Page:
Alpine’s other graduate of 2021 heading for top rookie honours in IndyCar · RaceFans

Christian Lundgaard made his IndyCar Series debut a year ago during the Brickyard Grand Prix weekend at Indianapolis Motor Speedway. On Sunday, Lundgaard scored his first career podium with a second-place finish behind winner Alexander Rossi.

“It feels amazing,” remarked the 21-year-old rookie on his breakthrough result.

In last year’s Brickyard GP, the former Alpine Academy member appeared with Rahal Letterman Lanigan in the midst of a difficult sophomore season in Formula 2, which produced just three sprint race podiums.

The lasting negative image of Lundgaard’s second F2 campaign was a non-scoring weekend in Monaco, hampered by two mechanical failures in the sprint races – a major setback in a spec category where reliability should be taken for granted. By the end of the season, his fellow junior Oscar Piastri had clinched the F2 title while another, Zhou Guanyu, bagged an F1 seat at Alfa Romeo.

But in a new environment, Lundgaard showed promise in his one-off IndyCar debut – qualifying an astonishing fourth place and even leading two laps before finishing 12th, in the top half of the field. It was enough to convince RLL to sign him up for a full season in 2022.

Second on his first anniversary showed Lundgaard’s progress

While Lundgaard had been solid if unspectacular to this point, he came back to the Indy road course using the exact same car and set-up that he ran with last year, converting a sixth-place qualifying result into a runner-up finish.

“I’m just a guy doing my job, really,” he said. “I want to win, so I try as best I can every event.”

“I think the best feeling right now, is that the team really deserves it. They’ve worked super hard, and we’ve had such a struggling beginning to the season.”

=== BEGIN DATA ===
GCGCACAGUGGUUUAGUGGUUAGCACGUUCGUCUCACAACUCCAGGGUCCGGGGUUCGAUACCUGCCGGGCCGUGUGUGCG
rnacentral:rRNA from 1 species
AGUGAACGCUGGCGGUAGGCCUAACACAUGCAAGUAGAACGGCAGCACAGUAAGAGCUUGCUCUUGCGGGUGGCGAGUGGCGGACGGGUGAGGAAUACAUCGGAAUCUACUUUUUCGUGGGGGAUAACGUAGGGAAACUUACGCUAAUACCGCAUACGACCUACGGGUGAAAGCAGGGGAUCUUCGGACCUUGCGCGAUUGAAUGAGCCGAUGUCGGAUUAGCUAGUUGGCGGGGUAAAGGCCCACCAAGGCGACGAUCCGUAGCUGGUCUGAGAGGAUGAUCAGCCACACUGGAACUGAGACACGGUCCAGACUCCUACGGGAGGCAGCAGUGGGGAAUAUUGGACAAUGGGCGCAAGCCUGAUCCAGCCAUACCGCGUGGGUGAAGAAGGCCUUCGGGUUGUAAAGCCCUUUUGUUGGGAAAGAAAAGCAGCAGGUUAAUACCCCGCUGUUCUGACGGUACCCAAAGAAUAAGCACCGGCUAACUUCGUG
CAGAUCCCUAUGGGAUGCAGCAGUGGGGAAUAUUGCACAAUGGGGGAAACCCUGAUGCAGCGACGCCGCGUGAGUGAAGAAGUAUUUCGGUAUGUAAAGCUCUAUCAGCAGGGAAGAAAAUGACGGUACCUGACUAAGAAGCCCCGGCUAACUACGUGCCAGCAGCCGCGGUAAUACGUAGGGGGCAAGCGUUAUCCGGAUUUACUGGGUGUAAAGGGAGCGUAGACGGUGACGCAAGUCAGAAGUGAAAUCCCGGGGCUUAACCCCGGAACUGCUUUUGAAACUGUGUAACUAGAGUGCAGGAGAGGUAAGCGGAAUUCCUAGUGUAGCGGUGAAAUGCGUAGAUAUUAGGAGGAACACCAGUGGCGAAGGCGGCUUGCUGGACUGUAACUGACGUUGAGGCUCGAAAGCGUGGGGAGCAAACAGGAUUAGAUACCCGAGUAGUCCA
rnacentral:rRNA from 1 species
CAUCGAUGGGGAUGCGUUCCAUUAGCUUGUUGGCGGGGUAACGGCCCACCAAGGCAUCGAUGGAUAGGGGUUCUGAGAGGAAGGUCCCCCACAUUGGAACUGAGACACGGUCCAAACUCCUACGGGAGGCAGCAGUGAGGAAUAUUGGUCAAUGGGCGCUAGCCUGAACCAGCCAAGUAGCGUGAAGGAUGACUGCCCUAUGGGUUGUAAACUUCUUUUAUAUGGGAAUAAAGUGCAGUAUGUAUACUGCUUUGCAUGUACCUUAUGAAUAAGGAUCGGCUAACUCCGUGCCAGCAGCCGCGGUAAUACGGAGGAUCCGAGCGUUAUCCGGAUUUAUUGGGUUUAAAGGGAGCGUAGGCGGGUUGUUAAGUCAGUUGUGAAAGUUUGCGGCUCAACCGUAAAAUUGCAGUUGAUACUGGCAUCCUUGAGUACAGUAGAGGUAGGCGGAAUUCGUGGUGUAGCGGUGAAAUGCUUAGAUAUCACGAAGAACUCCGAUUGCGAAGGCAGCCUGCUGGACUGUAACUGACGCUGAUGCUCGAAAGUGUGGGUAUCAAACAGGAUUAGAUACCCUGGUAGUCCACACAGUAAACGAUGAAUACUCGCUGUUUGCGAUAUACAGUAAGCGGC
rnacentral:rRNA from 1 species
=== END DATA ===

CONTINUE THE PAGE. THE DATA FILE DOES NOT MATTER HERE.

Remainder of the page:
He identified round 10 on the streets of Toronto, where Lundgaard finished eighth, as the point where he felt his season was starting to trend upward.

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“I think coming to Toronto was when things started to change. We saw sort of a streak where we started to perform better. Even Road America, Mid-Ohio was there. We were on the edge of [the] top 10. To come here and finish second, I think the team deserves every bit of it.”

With his second place finish at Indy, Lundgaard now sits 15th in the IndyCar championship table. Crucially, he is 27 points ahead of Dale Coyne Racing driver David Malukas in the Rookie of the Year standings with four races left.

Toronto was “when things started to change”, says Lundgaard

While 15th out of a field of 25 full-time drivers may not sound impressive, it’s worth remembering that the last two IndyCar Rookie of the Year winners, Scott McLaughlin and Rinus VeeKay, each finished 14th in the standings. In fact, since the 2008 reunification of American open-wheel racing, only four Rookie of the Year winners have finished in the top ten in the standings (and 2018 winner Robert Wickens was sixth before sustaining life-changing injuries in a crash at Pocono Raceway).

“It’s going to be a massive confidence boost for everyone to keep digging,” Lundgaard said of his podium finish. “This is the right path. We’re going in the right direction.”

Lundgaard’s first IndyCar podium also marked RLL’s first podium finish for more than a year, since Graham Rahal’s third place in Texas. The rookie credited his senior team mate for helping to push his own development forward.

“Graham has helped me massively, understanding how much you can push the tyres,” Lundgaard said of Rahal and the feedback he’s provided. “He’s extremely good on the long run, making the tyres last, making the fuel last, and just being competitive – even in a car that might not be competitive enough to be there, we’ve had some good results.”

“I’m very pleased to have Jack [Harvey] and Graham by my side and helping me.”

And as IndyCar’s silly season has kicked into high gear, Lundgaard’s success after steering out of a dead-end path in European single seaters should give some of the current F2 grid – particularly those who don’t have a clear path to move up to F1, with or without the desired results – something to think about as they contemplate their racing futures.

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